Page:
The Organization for Economic Cooperation and Development (OECD) has published the largest ever global school rankings and Asian school systems make up the top 5 places:
2. Hong Kong
28. United States
The report notes once again the poor performance of the United States, slipping behind successful European countries and being overtaken by Vietnam. The US’s sustained decline in educational performance raises questions about its educational system compared with those of the highest performing countries.
Two US school systems, Pinellas County Schools (PCS) (FL) and St. Paul Public Schools (SPPS) (MN), may illustrate why the US system is not progressing, particularly when compared with a well performing system, the Ontario (CN) School System.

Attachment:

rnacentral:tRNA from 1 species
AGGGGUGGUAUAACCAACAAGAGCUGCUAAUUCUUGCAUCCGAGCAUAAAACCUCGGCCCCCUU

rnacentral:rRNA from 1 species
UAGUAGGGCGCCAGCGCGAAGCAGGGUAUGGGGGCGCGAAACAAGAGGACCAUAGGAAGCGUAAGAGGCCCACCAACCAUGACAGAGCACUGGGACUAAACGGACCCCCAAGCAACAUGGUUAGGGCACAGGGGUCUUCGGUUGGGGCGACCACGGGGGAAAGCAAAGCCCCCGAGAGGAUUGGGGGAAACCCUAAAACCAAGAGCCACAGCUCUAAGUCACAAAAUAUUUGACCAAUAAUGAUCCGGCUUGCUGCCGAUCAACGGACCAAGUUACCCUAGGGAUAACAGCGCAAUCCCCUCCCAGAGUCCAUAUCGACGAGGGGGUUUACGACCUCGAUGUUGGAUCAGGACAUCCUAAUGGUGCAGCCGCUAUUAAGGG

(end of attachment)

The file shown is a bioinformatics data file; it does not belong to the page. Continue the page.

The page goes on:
Both US school districts are embroiled in controversy secondary to racial discrimination: ‘Failure Factories‘ documents the changes in 5 Pinellas County elementary schools following discontinuation of busing in 2007.
St. Paul Public Schools (MN) (SPPS) Superintendent Valeria Silva’s focus on establishing racial-equity as the primary driver for closing St. Paul schools’ ‘opportunity gap,’
“…first, a push to return students with behavioral challenges to mainstream classes and keep them there; and, second, a push to expose every adult in the system to training on white privilege and its impact on the classroom…”
…is indeed a tectonic shift in the way we think about and confront the role of race in the classroom. But the implementation of Silva’s policies seems to be rubbing some people the wrong way, causing rifts among the teachers, administration and parents, and sending out shock waves that threaten to undo what Silva has accomplished.
Ontario has become one of the world’s best school systems since inauguration of its improvement initiative in 2003.
To evaluate, compare and contrast, to judge the respective educational systems, a set of standards will be developed. That will be the subject of the next post.